Tuesday, August 4, 2020

Pink Floyd

Just holding an LP by Pink Floyd immediately takes me to a very special place. From my first experience with them, they have been the exemplars of what mysterious, art-rock looks like. In 1970 our local PBS station (now known as Rocky Mountain PBS) aired “An Hour with Pink Floyd,” which was recorded at KQED studios in San Francisco on April 30, 1970. Because it was on PBS it inherently had our parents blessing. Little did they know! The show featured the band playing six songs ripped from the beating heart of their super-psychedelic post-Barrett period. My 12-year old mind was blown. Atom Heart Mother confused, Grantchester Meadows and Green Is the Colour soothed and Set the Controls for the Heart of the Sun and Careful with That Axe Eugene terrified me. Much of the music I hold dearest started out scaring me. It’s true, my first reaction to Bitches Brew, The Shape of Jazz to Come, Live Dead and Electric Ladyland was fear. These records pushed the limit of traditional song and imagery into more adult realms. This wasn’t verse, chorus, verse. This was staring at yourself in the mirror until you had to look away. Yeah-that’s for me! After seeing An Hour with Pink Floyd I went with my brother to Underground Records at 724 S. Pearl St. and purchased Ummagumma. 18 years later, I would buy Underground Records at a tax auction and turn it into Twist and Shout. I was again, thrilled and scared by this album. The cover was awesome, especially the back cover where two members of the band’s road crew stood in the middle of a country road surrounded by all the band’s gear artfully displayed in a giant V. I was so sold on this band!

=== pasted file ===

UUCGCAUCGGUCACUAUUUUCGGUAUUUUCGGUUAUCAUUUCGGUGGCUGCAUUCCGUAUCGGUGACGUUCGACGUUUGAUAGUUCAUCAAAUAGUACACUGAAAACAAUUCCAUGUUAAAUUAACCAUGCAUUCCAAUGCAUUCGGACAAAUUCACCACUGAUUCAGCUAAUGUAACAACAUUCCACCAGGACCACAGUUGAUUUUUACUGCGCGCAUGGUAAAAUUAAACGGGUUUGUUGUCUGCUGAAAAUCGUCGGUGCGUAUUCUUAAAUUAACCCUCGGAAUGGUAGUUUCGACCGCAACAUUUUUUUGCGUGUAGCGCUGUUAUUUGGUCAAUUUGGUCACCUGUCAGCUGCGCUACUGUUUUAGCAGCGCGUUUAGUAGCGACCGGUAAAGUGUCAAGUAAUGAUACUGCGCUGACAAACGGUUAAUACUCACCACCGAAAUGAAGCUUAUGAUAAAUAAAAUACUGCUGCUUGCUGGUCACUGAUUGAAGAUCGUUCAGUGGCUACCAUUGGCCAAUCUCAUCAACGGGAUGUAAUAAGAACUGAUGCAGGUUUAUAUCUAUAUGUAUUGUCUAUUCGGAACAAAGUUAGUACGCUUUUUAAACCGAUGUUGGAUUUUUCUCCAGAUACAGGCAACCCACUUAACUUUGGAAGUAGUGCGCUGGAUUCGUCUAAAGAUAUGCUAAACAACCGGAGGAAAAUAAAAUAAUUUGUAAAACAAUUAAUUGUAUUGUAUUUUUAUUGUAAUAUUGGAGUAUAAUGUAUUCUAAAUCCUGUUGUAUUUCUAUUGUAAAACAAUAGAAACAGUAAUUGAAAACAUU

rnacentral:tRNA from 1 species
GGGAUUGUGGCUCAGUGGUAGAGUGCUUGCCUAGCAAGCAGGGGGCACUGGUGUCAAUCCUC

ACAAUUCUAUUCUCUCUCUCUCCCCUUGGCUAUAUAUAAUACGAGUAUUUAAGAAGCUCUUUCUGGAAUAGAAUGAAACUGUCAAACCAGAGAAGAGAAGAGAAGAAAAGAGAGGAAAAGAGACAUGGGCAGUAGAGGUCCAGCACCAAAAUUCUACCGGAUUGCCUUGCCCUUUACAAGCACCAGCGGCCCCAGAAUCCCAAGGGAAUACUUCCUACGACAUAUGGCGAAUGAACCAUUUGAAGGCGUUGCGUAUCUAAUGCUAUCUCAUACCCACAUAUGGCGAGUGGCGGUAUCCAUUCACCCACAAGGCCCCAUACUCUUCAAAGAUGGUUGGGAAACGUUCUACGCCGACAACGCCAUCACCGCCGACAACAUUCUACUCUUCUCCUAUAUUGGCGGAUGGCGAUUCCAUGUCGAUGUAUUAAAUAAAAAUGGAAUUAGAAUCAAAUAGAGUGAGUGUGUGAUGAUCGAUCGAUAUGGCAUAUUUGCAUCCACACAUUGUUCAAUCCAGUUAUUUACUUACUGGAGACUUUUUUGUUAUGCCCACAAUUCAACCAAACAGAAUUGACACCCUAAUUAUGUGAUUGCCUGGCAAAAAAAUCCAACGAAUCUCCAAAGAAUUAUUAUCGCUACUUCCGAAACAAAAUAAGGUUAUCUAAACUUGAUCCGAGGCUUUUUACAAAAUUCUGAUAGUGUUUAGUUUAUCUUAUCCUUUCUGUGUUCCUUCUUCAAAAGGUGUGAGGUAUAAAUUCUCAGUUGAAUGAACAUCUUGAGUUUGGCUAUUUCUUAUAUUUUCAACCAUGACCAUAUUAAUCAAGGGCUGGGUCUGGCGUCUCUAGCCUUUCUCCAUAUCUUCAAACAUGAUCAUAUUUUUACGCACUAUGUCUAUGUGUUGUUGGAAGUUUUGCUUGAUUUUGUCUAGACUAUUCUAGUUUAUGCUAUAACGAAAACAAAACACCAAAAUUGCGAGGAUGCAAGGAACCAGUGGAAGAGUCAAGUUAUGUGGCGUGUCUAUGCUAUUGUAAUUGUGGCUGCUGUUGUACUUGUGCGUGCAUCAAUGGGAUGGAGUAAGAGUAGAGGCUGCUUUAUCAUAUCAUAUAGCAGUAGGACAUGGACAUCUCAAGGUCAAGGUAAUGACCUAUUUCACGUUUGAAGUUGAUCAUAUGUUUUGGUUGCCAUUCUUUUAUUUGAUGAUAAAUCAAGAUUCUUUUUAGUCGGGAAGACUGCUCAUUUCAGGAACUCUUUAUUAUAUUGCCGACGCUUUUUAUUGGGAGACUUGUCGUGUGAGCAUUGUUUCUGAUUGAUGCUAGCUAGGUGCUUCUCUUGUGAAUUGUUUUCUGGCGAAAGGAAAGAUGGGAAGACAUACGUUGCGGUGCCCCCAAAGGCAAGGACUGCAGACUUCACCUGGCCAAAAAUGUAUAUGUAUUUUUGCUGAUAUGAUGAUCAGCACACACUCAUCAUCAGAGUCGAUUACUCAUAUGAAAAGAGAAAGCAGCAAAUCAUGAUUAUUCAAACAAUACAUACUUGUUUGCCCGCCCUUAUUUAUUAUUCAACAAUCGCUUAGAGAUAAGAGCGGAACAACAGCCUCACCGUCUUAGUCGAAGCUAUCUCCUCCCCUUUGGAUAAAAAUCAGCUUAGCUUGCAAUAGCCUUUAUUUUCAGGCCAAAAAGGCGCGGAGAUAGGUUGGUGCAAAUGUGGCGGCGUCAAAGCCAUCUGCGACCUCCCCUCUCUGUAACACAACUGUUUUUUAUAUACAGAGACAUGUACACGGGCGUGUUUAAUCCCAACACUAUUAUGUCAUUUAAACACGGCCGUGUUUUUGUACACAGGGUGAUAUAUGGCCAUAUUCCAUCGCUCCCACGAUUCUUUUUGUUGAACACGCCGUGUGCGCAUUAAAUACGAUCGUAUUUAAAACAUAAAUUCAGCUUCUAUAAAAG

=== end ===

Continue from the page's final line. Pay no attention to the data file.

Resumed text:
My next major experience with the band came when the movie Pink Floyd Live at Pompeii was shown at midnight at The Vogue Theatre on South Pearl Street. Once again, I was both excited and terrified by the futuristic music the band was creating. Once again, I went to Underground Records and headed straight for the Pink Floyd section. This time, I was greeted by a strange album with minimal information. It just said Pink Floyd Fillmore West. My brother told me it was a bootleg and encouraged me to get it. I saved my allowance over the next few months, and when I finally had 15 bucks saved up, we went back and I got it. We breathlessly listened to it.  The album gave no clue what songs the band played at the concert, but we were excited when the program was very similar the PBS special. On the back of the album, you can see the home-made setlist I typed up on my father’s Royal typewriter. (the same one on which he wrote 10 novels). I was so psyched. This was going to be my band.

I continued to follow Pink Floyd, buying every one of their new albums the day it came out, and eventually finding all their older ones. I also got heavily into Syd Barrett and his two incredible solo albums. His descent into madness stuck with me throughout my young life and remains a poignant touchstone to the reality that art and madness often walk a parallel path. When Wish You Were Here came out I was 18 and the messages of alienation and societal oppression could not have been more timely for me. Again, the artwork was so memorable. Instead of covering the album in clear plastic shrink-wrap, this album had a custom blue shrink, so you had to buy the album to see all the artwork.

Animals promotional item. Last week I mentioned Corey over at Furthur Frames.
This piece might represent the apex of his work for me. It’s hard to see in the picture but the display is
3 dimensional and the pig in the bottom half is hanging in there and can swing freely.

And, ultimately, this is what is so great about Pink Floyd. Every move they made was intelligent, beautiful, calculated. They are the ultimate art-rock band.

Paul Epstein

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